LDI operator might create cartel to compete with the ICH players


The fate of International Clearing House (ICH) hangs in the balance after one of the LDI operators announced that it was no more part of this controversial agreement.

Sources in the telecom industry said some other major players were also considering following in the footsteps of the LDI operator and might create an undisclosed cartel to compete with the ICH players. The News claimed.

The participants of this undisclosed cartel would likely be the major players who were previously handling the major international calling traffic in Pakistan.Sources said these players will lower their international calling rates compared to the ICH rate so as to attract more international calls traffic, they added.

Interestingly, both the Ministry of Information and Technology (MoIT)) and Pakistan Telecommunication Authority (PTA) are unable to comment on the legality of ICH after the stepping out of one LDI operator, as the aspect was not clear in the policy directive of the ICH.

The PTA official said no role was assigned to it under the ICH policy directive while the MoIT official said the regulator had the power to take regulatory action against any LDI license holder.

The PTA official said they were not looking after the ICH, while the role of settling the issue under the ICH policy directive had been assigned to the MoIT. He said no one was technically dealing with the ICH in the PTA, as the MoIT had taken the charge of it.

“Even if the MoIT asked the regulator to take action then it has to make an amendment to the ICH policy so that the PTA was able to initiate action,” he added.

Interestingly, the LDI operators were also not in picture about the status of the ICH after stepping out of one LDI operators from the consortium. Apparently, it seems the ICH will be no more in the coming days, as it was controversial since it creation, said a top official of a leading LDI operator. He said internally the company had felt that the ICH was going to close shortly.

He said technically the role of regulator went with the leading LDI operator of the country that was controlling and defining the shares of the other LDI operators. He said the other LDI operators had objections to it and were seeking revision of their share which was not accepted by the virtual regulator.

An official spokesperson for the Ministry of Information and Technology Yasir Qadir said the ministry had not received any intimation from one of the LDI operators about its stepping out of the ICH. He said the future course of action against the LDI operator will be decided after official intimation.

The PTA spokesperson also said the authority had not received any intimation from the LDI operator. Interestingly, under the ICH policy none of the consortium players is bound to intimate the MoIT or PTA to leave it.

An official spokesperson in a reply said: “An operator has raised concerns about MTR-I and APC a number of times with the relevant authorities. We had also intimated PTA and Ministry of IT & Telecom through letter dated 19th December 2013 that we will exit the ICH agreement by 31st December 2013 if our concerns were not addressed properly. In response, we were asked in a meeting held at the PTA Headquarters on 27th December 2013 to maintain the status quo till 7th January 2014 as recommendations for the resolution of MTR-I issue were being forwarded to the MoIT. However, till last week there was no further development on this and resultantly we were left with no option but to exit the ICH on 25th January 2014.”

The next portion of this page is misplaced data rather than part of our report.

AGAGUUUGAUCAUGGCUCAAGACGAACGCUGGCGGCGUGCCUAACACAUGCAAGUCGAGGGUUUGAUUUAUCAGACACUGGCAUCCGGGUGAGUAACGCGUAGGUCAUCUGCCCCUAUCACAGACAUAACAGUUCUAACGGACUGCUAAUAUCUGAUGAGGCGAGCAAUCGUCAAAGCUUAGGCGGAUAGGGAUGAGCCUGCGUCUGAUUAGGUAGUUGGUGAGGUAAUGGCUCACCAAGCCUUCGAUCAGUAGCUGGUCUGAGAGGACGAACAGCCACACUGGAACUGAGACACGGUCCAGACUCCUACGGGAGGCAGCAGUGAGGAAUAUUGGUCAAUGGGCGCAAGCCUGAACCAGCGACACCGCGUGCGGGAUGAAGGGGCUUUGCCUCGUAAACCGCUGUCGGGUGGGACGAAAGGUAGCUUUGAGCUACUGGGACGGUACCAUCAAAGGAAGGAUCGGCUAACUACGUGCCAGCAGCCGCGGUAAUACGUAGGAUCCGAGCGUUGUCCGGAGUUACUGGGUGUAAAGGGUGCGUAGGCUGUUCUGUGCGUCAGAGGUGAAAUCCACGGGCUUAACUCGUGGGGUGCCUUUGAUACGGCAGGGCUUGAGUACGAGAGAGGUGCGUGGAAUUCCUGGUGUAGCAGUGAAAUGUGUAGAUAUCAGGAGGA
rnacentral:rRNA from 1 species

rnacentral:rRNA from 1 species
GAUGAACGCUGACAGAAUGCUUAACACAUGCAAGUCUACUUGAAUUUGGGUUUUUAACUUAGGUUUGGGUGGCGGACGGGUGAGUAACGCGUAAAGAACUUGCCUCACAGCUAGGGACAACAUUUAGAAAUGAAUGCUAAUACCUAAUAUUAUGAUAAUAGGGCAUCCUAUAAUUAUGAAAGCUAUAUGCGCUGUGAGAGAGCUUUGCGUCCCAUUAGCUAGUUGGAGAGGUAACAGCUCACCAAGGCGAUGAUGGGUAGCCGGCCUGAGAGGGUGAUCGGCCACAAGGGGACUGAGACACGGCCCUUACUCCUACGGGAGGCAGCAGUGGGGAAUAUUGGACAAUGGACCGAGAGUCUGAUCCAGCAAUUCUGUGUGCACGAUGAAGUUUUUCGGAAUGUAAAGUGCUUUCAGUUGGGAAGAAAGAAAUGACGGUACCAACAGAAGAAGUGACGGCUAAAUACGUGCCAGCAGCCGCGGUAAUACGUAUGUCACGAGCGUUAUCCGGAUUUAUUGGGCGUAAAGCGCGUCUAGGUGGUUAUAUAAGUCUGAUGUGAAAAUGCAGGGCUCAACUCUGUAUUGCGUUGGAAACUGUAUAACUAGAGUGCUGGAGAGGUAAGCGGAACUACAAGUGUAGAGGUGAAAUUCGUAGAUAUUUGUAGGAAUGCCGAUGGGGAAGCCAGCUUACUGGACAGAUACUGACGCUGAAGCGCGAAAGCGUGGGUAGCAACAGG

According to the documents available with The News, the LDI operator in its letter to the Chairman PTA Dr Ismail Shah dated December 19, 2013 pointed out the issues raised by the Cellular Mobile Operators (CMOs) since creation of the ICH on Mobile Termination Rate for International Incoming Traffic (MTR-I).

The letter stated: “As part of the MoIT’s policy directive for the establishment of ICH implemented in October 2012, a spate MTR-I was proposed for the mobile operators which was condition precedent to supporting the said directive by CMOs and is the only component yet to be determined by the PTA in consultation with the MoIT even after lapse of more than a year”.

As a result of it, the CMOs intentional incoming traffic after the ICH has been reduced by 75 per cent causing revenue loss to them. The CMOs incurred almost Rs15 billion loss due to this.

Following the letter of the LDI operator, the PTA conducted a meeting under its chairman on December 27, 2013 in which all consortium players participated.

The meeting decided to maintain status quo with regard to the ICH agreement till January 7, 2014 while the PTA will send its recommendations to MoIT with a request to finalise the issue of MTR-I by January 6, 2014.

The meeting minutes stated that the chairman PTA had advised the ICH consortium and CMOs to enter into a commercial agreement on their own that includes sharing of revenue with CMOs in form of MTR-I. The industry may come up with a commercial agreement relating to MTR-I so that their suggestions may be forwarded to MoIT for a conclusive decision with a recommendation of some portion of APC or USF.

The chairman PTA said if an agreement between the CMOs and LDI operator was not reached, necessary changes in the ICH regime and reduction in rates will be carried out. Therefore, it will be better that a gradual and workable mechanism between the CMOs and LDI operators may be carried out and rates should be kept in place for at least six months.

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